On Tuesday, July 25, the main entrance to the Nigerian parliament building was shut off by a group of young activists demanding for an opportunity to speak with lawmakers.
The protesters were members of the #NotTooYoungToRun movement, a coalition of Nigerian youths seeking improved access to government. Foremost among their demands, was a call on MPs to pass new legislation to reduce the age limit to run for major political positions, including the office of the president.
Following closely on the heels of the protest, the Nigerian senate finally voted to lower the age limit required to vie for political office. The lawmakers set 35 as the minimum age required to seek for the office of the President, 30 for governorship positions, and 25 as the minimum for election into the lower house of parliament.
In the wake of protests by the youth and the landmark vote by parliament, the hashtag #NotTooYoungToRun has been trending on social media in Nigeria. For many, the possibility of retiring the gerontocrats who have mostly commanded the political field since the country returned to democracy in 1999 is an idea that they welcome with enthusiasm.
Some, however, sound a note of caution; they say while the misrule of the tired-old-men, who cling on to power against all odds is well chronicled, on the few occasions when young people have had the chance to lead, they have not fared any better. Indeed, many believe the country was worse off under youthful leadership.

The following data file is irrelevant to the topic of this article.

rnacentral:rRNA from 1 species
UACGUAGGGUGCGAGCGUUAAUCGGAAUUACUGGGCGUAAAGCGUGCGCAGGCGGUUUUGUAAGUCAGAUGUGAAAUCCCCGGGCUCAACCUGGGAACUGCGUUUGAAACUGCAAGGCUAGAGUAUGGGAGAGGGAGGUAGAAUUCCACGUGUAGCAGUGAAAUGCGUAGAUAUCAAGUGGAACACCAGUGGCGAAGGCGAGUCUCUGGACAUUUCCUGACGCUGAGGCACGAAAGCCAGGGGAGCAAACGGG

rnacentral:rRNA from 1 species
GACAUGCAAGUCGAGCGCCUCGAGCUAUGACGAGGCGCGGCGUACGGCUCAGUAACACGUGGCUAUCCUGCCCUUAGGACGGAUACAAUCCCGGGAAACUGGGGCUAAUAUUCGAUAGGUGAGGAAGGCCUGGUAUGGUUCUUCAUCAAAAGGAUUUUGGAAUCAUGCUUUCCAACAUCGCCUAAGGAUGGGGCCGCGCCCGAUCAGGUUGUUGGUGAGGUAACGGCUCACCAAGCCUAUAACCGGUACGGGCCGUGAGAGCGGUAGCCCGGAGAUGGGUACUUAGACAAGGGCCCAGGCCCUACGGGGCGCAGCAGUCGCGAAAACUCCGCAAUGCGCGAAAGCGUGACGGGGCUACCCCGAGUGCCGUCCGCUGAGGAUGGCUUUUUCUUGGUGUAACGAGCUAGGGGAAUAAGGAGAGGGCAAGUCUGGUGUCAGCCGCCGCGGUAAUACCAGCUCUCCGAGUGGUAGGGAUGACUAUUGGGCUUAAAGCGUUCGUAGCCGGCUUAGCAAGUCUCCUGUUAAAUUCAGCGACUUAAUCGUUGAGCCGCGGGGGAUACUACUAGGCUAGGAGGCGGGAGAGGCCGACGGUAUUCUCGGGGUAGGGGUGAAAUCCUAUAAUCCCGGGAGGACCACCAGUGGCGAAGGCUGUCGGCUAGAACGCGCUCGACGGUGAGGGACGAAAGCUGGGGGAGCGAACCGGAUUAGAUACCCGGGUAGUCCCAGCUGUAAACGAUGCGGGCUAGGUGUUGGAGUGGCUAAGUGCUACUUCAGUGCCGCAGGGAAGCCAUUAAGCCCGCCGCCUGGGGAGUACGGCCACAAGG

It may be recalled that soon after independence from Great Britain, the exuberance of the Nigerian military top brass brimming with youthful officers led to the bloody coup of 1967, sparking a chain of events that plunged the country into a civil war. When the guns went silent 3 years later, over a million lives had been lost with many more displaced.
Nevertheless, many have observed with concern that in today’s Nigeria, aside from the shining lights in showbiz, sports and business, the country currently appears to be without a crop of young people ready to step into positions of political leadership.
With more than 50 percent of the population aged less than 18, the country is probably only a few years away from a crisis of leadership in politics and governance.
In the midst of it all, some critics posit that the motives of the #NotTooYoungToRun protesters may not be altogether altruistic. Lacking in genuine grassroots or popular following, it is easy to dismiss the movement as a band of ‘overindulged pups’ of the Nigerian elite who simply can’t wait to deep their hands into the national till.
Whatever their motives may be, it is nevertheless gratifying to find that Nigerian youths are eventually learning to engage with the political class while doing away with their characteristic disillusionment and apathy in matters of national policy.
True leadership is hardly a function of age and it should matter little if the Nigerian president is a ruddy young fellow or a wizened senior citizen. The real victory here, for everyone, is the much needed participation of young people, the touted leaders of tomorrow in the democratic process.